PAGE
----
User experience advantages
If you remember my post where I boast about my phone(…:)), I was describing how awesome my phone was for letting me quickly get information about the ballet I was seeing and read its story during the ballet. In a real opera, there is no information about the ballet you’re about to see, rather you need to buy a booklet or inform yourself before actually seeing the ballet. Personnally I really go to a ballet for the visual impressions it leaves on my mind, the story is an extra bonus. The real advantage here of having the ballet retransmitted was that there was much information added on the screen about the ballet, like you would have in a documentary or a movie. All the production crew was in the credits and there was a small introduction of the story in the beginning, as well as an introduction of all the characters. You were well informed about the ballet, so you could fully enjoy it. I remember my last experience, with my friend we were totally lost in trying to understand what was going on because the ballet is speachless, it is really only visual. So big advantage of technology : all the meta information that can enrich the experience.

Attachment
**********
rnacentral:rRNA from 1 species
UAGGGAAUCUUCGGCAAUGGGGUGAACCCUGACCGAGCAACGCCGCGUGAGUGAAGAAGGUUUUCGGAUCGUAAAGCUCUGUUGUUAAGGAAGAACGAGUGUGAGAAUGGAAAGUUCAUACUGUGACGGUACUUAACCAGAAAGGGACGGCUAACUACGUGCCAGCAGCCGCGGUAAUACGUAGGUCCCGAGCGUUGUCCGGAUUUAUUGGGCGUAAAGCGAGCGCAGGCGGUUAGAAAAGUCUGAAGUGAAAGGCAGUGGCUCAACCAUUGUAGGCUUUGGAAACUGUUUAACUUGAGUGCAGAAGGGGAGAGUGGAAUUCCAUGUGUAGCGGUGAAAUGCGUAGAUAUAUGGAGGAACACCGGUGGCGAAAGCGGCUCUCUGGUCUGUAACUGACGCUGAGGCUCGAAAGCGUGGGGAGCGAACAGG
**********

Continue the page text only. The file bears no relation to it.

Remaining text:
I think that is about all the advantages I could find to the cinema experience.
I’m doing this review to really evaluate what technology is capable of and avoid snobby judgement about the real and the virtual. But from the experience I had, I still have a small preference for the live show. Here is why.
Why the live experience is still better
First, have you ever noticed how the room in the cinema is badly designed (at least where I went)? This was my view of the screen :